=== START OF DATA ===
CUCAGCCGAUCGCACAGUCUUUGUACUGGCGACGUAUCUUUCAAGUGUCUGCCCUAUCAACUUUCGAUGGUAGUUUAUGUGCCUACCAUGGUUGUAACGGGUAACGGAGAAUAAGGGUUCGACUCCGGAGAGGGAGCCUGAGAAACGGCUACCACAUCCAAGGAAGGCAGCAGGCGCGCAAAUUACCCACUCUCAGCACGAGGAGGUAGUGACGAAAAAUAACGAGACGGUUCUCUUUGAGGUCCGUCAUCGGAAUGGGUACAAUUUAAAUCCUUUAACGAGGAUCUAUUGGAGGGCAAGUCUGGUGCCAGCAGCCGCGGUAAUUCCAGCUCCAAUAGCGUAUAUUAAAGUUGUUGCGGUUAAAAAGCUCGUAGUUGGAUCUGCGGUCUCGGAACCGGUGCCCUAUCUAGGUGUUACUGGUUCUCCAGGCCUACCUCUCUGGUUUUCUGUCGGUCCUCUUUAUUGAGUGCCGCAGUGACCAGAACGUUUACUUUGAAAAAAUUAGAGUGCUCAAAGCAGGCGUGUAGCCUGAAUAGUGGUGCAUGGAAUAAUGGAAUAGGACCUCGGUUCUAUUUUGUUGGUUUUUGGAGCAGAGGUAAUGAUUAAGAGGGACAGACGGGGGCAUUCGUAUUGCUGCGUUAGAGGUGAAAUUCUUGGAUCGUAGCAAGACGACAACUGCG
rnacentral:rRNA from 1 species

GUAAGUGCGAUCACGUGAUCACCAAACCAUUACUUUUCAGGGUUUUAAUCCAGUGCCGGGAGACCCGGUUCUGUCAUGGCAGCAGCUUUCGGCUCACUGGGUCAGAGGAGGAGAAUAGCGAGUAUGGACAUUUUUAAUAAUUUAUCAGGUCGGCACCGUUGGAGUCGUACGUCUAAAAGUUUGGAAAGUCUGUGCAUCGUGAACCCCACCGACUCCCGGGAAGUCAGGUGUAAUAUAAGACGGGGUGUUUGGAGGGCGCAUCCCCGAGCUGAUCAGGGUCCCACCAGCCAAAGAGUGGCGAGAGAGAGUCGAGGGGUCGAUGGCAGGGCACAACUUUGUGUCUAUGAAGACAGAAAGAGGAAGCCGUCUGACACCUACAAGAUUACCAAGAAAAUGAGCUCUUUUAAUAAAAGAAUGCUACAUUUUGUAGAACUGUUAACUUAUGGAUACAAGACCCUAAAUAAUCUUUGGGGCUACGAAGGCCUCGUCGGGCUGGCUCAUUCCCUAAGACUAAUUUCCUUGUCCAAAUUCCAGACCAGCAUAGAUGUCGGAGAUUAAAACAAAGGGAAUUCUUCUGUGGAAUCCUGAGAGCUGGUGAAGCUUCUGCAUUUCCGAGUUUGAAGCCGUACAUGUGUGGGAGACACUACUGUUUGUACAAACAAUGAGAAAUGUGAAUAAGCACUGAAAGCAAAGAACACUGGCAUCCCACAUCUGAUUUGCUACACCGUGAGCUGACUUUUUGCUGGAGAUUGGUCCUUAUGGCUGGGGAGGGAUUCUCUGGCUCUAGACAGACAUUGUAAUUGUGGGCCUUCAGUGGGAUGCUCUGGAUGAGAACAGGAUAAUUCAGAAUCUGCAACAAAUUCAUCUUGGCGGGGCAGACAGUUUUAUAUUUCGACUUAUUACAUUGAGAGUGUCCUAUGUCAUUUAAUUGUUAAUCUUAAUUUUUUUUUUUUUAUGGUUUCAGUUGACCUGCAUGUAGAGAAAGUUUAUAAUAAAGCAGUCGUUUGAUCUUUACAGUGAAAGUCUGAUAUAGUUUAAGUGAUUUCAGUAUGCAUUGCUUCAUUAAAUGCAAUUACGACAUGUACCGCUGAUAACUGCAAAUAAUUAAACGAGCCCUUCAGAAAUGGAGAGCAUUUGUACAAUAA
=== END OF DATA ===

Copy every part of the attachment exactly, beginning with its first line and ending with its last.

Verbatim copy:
CUCAGCCGAUCGCACAGUCUUUGUACUGGCGACGUAUCUUUCAAGUGUCUGCCCUAUCAACUUUCGAUGGUAGUUUAUGUGCCUACCAUGGUUGUAACGGGUAACGGAGAAUAAGGGUUCGACUCCGGAGAGGGAGCCUGAGAAACGGCUACCACAUCCAAGGAAGGCAGCAGGCGCGCAAAUUACCCACUCUCAGCACGAGGAGGUAGUGACGAAAAAUAACGAGACGGUUCUCUUUGAGGUCCGUCAUCGGAAUGGGUACAAUUUAAAUCCUUUAACGAGGAUCUAUUGGAGGGCAAGUCUGGUGCCAGCAGCCGCGGUAAUUCCAGCUCCAAUAGCGUAUAUUAAAGUUGUUGCGGUUAAAAAGCUCGUAGUUGGAUCUGCGGUCUCGGAACCGGUGCCCUAUCUAGGUGUUACUGGUUCUCCAGGCCUACCUCUCUGGUUUUCUGUCGGUCCUCUUUAUUGAGUGCCGCAGUGACCAGAACGUUUACUUUGAAAAAAUUAGAGUGCUCAAAGCAGGCGUGUAGCCUGAAUAGUGGUGCAUGGAAUAAUGGAAUAGGACCUCGGUUCUAUUUUGUUGGUUUUUGGAGCAGAGGUAAUGAUUAAGAGGGACAGACGGGGGCAUUCGUAUUGCUGCGUUAGAGGUGAAAUUCUUGGAUCGUAGCAAGACGACAACUGCG
rnacentral:rRNA from 1 species

GUAAGUGCGAUCACGUGAUCACCAAACCAUUACUUUUCAGGGUUUUAAUCCAGUGCCGGGAGACCCGGUUCUGUCAUGGCAGCAGCUUUCGGCUCACUGGGUCAGAGGAGGAGAAUAGCGAGUAUGGACAUUUUUAAUAAUUUAUCAGGUCGGCACCGUUGGAGUCGUACGUCUAAAAGUUUGGAAAGUCUGUGCAUCGUGAACCCCACCGACUCCCGGGAAGUCAGGUGUAAUAUAAGACGGGGUGUUUGGAGGGCGCAUCCCCGAGCUGAUCAGGGUCCCACCAGCCAAAGAGUGGCGAGAGAGAGUCGAGGGGUCGAUGGCAGGGCACAACUUUGUGUCUAUGAAGACAGAAAGAGGAAGCCGUCUGACACCUACAAGAUUACCAAGAAAAUGAGCUCUUUUAAUAAAAGAAUGCUACAUUUUGUAGAACUGUUAACUUAUGGAUACAAGACCCUAAAUAAUCUUUGGGGCUACGAAGGCCUCGUCGGGCUGGCUCAUUCCCUAAGACUAAUUUCCUUGUCCAAAUUCCAGACCAGCAUAGAUGUCGGAGAUUAAAACAAAGGGAAUUCUUCUGUGGAAUCCUGAGAGCUGGUGAAGCUUCUGCAUUUCCGAGUUUGAAGCCGUACAUGUGUGGGAGACACUACUGUUUGUACAAACAAUGAGAAAUGUGAAUAAGCACUGAAAGCAAAGAACACUGGCAUCCCACAUCUGAUUUGCUACACCGUGAGCUGACUUUUUGCUGGAGAUUGGUCCUUAUGGCUGGGGAGGGAUUCUCUGGCUCUAGACAGACAUUGUAAUUGUGGGCCUUCAGUGGGAUGCUCUGGAUGAGAACAGGAUAAUUCAGAAUCUGCAACAAAUUCAUCUUGGCGGGGCAGACAGUUUUAUAUUUCGACUUAUUACAUUGAGAGUGUCCUAUGUCAUUUAAUUGUUAAUCUUAAUUUUUUUUUUUUUAUGGUUUCAGUUGACCUGCAUGUAGAGAAAGUUUAUAAUAAAGCAGUCGUUUGAUCUUUACAGUGAAAGUCUGAUAUAGUUUAAGUGAUUUCAGUAUGCAUUGCUUCAUUAAAUGCAAUUACGACAUGUACCGCUGAUAACUGCAAAUAAUUAAACGAGCCCUUCAGAAAUGGAGAGCAUUUGUACAAUAA